[1] Boucard, P. A., Champaney, L. (2003). A suitable computational strategy for the parametric analysis of problems with multiple contact. IJNME, 57(9), 1259-1281.
[2] Kerfriden P, Gosselet P, Adhikari S, Bordas S. Bridging proper orthogonal decomposition methods and augmented Newton-Krylov algorithms: An adaptive model order reduction for highly nonlinear mechanical problems. Computer Methods in Applied Mechanics and Engineering 2011; 200:850 – 866. 
[3] Chinesta, F., Leygue, A., Bordeu, F., et al. (2013). PGD-based computational vademecum for efficient design, optimization and control. ACME, 20(1), 31-59.
[4] Vitse, M., Néron, D., Boucard, P. A. (2014). Virtual charts of solutions for parametrized nonlinear equations. Computational Mechanics, 1-11. 
[5] Giacoma, A., Dureisseix, D., Gravouil, A., Rochette, M. (2014). A multiscale large time increment/FAS algorithm with time space model reduction for frictional contact problems. IJNME, 97(3), 207-230.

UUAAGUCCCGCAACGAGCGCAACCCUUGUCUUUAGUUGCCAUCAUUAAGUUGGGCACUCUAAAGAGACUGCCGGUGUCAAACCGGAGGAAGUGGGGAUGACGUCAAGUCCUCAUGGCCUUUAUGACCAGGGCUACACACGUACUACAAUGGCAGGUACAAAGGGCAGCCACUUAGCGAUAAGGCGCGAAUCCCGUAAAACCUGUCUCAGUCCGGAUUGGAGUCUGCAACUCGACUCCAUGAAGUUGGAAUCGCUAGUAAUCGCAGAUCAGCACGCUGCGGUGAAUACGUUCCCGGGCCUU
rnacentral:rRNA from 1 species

[6] Giacoma, A., Dureisseix, D., Gravouil, A., Rochette, M. (2015). Toward an optimal a priori reduced basis strategy for frictional contact problems with LATIN solver. CMAME 



Prof Bert Sluys, TU Delft, The Netherlands

Plenary Session 3, 1st of April, 09:00‐9:45, Room 1

Multi-scale modelling of localised failure processes

In this presentation different multi-scale modelling techniques for
the description of localised failure processes will be discussed.
A number of relevant issues will be treated in more detail, such as
the non-standard computational homogenization for localisation
phenomena and the extension of the multi-scale models to dynamic